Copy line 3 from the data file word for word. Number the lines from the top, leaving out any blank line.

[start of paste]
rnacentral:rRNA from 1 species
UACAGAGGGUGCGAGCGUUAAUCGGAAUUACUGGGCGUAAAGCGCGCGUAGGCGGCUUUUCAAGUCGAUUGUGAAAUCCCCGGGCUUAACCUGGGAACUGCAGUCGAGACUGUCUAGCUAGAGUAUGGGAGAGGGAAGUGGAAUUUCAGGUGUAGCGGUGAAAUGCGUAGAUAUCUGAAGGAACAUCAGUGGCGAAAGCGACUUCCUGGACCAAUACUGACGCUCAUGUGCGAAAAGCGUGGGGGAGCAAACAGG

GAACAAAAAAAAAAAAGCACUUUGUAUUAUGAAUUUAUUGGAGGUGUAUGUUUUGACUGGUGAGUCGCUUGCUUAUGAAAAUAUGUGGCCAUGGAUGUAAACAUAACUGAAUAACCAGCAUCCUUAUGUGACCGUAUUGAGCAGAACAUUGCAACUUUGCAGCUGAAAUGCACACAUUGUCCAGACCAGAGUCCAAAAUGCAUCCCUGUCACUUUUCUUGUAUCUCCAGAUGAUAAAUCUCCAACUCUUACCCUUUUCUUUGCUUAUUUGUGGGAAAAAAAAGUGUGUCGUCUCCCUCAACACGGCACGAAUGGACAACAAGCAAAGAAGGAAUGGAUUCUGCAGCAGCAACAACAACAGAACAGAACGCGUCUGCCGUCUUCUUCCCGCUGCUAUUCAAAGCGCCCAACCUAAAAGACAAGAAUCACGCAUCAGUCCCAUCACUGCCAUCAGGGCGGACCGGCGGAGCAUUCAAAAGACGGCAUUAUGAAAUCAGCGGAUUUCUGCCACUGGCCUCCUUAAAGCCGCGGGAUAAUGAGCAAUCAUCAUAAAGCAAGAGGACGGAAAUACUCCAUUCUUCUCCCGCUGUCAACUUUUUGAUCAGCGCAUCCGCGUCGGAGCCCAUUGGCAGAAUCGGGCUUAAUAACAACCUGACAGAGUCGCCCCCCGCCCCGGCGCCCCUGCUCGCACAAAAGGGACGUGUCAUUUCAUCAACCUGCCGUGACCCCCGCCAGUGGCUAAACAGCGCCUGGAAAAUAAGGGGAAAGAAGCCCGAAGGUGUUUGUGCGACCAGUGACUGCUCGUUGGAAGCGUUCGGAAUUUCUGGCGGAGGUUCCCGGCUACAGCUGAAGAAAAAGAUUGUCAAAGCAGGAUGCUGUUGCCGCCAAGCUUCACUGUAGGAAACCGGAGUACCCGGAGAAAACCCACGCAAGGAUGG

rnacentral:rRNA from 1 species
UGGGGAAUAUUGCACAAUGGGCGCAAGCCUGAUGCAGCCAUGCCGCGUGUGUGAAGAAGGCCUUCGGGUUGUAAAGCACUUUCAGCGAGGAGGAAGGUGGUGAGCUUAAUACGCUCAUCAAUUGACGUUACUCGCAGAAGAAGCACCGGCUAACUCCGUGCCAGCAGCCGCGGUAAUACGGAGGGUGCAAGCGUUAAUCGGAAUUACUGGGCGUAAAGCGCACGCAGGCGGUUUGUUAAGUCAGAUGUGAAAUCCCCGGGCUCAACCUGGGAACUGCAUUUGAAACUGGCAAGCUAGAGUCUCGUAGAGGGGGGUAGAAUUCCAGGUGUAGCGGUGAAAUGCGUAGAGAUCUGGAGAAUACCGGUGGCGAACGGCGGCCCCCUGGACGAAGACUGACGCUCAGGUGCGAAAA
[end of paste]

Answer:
GAACAAAAAAAAAAAAGCACUUUGUAUUAUGAAUUUAUUGGAGGUGUAUGUUUUGACUGGUGAGUCGCUUGCUUAUGAAAAUAUGUGGCCAUGGAUGUAAACAUAACUGAAUAACCAGCAUCCUUAUGUGACCGUAUUGAGCAGAACAUUGCAACUUUGCAGCUGAAAUGCACACAUUGUCCAGACCAGAGUCCAAAAUGCAUCCCUGUCACUUUUCUUGUAUCUCCAGAUGAUAAAUCUCCAACUCUUACCCUUUUCUUUGCUUAUUUGUGGGAAAAAAAAGUGUGUCGUCUCCCUCAACACGGCACGAAUGGACAACAAGCAAAGAAGGAAUGGAUUCUGCAGCAGCAACAACAACAGAACAGAACGCGUCUGCCGUCUUCUUCCCGCUGCUAUUCAAAGCGCCCAACCUAAAAGACAAGAAUCACGCAUCAGUCCCAUCACUGCCAUCAGGGCGGACCGGCGGAGCAUUCAAAAGACGGCAUUAUGAAAUCAGCGGAUUUCUGCCACUGGCCUCCUUAAAGCCGCGGGAUAAUGAGCAAUCAUCAUAAAGCAAGAGGACGGAAAUACUCCAUUCUUCUCCCGCUGUCAACUUUUUGAUCAGCGCAUCCGCGUCGGAGCCCAUUGGCAGAAUCGGGCUUAAUAACAACCUGACAGAGUCGCCCCCCGCCCCGGCGCCCCUGCUCGCACAAAAGGGACGUGUCAUUUCAUCAACCUGCCGUGACCCCCGCCAGUGGCUAAACAGCGCCUGGAAAAUAAGGGGAAAGAAGCCCGAAGGUGUUUGUGCGACCAGUGACUGCUCGUUGGAAGCGUUCGGAAUUUCUGGCGGAGGUUCCCGGCUACAGCUGAAGAAAAAGAUUGUCAAAGCAGGAUGCUGUUGCCGCCAAGCUUCACUGUAGGAAACCGGAGUACCCGGAGAAAACCCACGCAAGGAUGG